big plans for the tiny screen 02.21.2005, 1:33 PM
posted by ben vershbow
Says Random House Ventures president Richard Sarnoff: "You have a whole generation of consumers, perhaps more than a generation, who are never more than 10 feet from their cell phones, including when they shower. Increasingly, cell phones are becoming an appliance for entertainment and education."
But, despite the success of cell phone novels and serials in Japan, South Korea and Germany, Sarnoff insists that tiny screens have a potential for information, but not for narrative. "The screens are inappropriate for that kind of sustained reading. That's a `maybe, someday' discussion. We'll keep an eye on that area, and if something happens ... we'll certainly respond."
So for the time being, Random House will be testing mobile phones for language instruction, test prep, and other informational services.
In a related vein, textually.org, an invaluable resource for the microlit observer, recently posted about Radio Shack's plans to sell stand-alone virtual keyboard units the size of a "small fist." Virtual keyboards project a regular-sized typing area on a flat surface, registering keystrokes via Bluetooth onto a smartphone or personal digital assistant (PDA). VKB, the developer of the technology, recently announced its goal of making the virtual keyboard an embedded feature in mobile devices by next year. Further suggestion that cell phones and laptops are evolving into one another.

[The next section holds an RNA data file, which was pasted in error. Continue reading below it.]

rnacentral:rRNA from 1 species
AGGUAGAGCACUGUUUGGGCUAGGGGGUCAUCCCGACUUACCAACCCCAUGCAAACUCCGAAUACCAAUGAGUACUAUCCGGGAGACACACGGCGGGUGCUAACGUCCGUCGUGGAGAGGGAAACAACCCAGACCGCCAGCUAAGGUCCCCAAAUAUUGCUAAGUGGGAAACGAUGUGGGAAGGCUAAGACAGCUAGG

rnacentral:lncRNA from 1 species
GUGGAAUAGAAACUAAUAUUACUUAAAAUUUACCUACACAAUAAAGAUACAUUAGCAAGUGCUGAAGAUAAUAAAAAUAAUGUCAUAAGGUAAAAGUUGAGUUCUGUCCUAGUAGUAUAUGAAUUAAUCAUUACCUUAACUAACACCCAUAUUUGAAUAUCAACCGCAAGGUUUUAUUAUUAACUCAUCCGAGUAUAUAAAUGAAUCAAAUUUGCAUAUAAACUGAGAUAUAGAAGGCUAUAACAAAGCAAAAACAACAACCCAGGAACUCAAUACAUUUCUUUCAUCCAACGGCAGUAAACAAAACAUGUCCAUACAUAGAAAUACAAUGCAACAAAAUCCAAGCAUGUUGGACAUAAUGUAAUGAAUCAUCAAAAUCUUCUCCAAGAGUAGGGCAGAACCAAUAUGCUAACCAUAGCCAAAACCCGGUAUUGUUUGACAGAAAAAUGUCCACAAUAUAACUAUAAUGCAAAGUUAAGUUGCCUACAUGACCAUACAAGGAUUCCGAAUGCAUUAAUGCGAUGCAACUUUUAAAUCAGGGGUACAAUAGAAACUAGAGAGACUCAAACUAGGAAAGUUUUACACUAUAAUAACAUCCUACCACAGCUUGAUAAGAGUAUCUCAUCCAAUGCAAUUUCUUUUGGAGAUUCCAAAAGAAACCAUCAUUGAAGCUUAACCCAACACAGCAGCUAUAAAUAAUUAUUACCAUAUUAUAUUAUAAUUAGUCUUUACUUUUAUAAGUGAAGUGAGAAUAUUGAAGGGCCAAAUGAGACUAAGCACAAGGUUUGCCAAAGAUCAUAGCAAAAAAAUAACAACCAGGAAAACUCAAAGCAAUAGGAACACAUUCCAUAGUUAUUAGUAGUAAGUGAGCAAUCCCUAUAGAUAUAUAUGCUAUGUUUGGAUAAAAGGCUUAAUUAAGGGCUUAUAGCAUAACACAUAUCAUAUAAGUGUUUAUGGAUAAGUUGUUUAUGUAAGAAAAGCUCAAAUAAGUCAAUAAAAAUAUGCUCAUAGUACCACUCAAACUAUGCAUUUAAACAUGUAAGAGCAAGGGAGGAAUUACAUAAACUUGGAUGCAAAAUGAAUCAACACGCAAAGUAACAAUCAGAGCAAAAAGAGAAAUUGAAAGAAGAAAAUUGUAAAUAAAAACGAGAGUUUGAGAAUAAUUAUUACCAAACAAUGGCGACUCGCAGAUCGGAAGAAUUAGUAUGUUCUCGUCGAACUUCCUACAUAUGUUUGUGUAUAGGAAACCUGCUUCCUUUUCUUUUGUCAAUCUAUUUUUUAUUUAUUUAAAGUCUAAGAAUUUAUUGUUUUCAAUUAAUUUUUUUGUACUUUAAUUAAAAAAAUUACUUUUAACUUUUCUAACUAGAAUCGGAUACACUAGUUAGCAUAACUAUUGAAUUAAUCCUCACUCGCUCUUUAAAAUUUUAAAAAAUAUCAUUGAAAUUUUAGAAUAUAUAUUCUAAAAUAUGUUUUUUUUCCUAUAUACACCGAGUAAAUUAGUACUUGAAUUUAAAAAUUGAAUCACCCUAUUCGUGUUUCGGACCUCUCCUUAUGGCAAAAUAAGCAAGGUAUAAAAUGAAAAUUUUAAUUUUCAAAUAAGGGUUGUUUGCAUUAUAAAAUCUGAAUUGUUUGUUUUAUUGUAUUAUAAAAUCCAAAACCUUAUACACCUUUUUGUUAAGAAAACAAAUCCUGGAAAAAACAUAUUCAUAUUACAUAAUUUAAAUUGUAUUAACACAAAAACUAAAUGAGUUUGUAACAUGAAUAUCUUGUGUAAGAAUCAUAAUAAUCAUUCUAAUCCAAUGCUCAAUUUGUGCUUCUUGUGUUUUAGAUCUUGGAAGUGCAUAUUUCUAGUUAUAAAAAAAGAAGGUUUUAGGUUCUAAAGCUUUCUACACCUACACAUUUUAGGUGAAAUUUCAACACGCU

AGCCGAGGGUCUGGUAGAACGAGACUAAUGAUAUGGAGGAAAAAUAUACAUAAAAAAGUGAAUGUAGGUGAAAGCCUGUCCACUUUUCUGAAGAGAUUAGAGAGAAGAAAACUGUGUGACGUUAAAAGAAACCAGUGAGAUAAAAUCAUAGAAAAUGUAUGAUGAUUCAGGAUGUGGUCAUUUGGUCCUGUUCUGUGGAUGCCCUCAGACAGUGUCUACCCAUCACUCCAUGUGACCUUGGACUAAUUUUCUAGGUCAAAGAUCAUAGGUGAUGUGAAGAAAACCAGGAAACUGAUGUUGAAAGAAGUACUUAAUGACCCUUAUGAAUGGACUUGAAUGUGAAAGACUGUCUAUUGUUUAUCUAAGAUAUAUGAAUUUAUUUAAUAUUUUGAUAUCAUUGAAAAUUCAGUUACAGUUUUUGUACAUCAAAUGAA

Muhammad Fahad Ayub on March 30, 2007 4:07 PM:
I like that device, didn't thought about it, but some discussions from our community... Basically the idea is mine...
Think about a Mobile Set having upto 20 types of Memory Card Reader Builtin + Direct USB connectivity & Sort of something pointing device (sort of a projector) which represent a mono type bitmapped image on the targetted flat blank screen. All in one mobile set, & an optical mouse built in it, anyone could use that mobile device as a mouse after connecting it with a PC via bluetooth.
Could it be possible,
Muhammad Fahad Ayub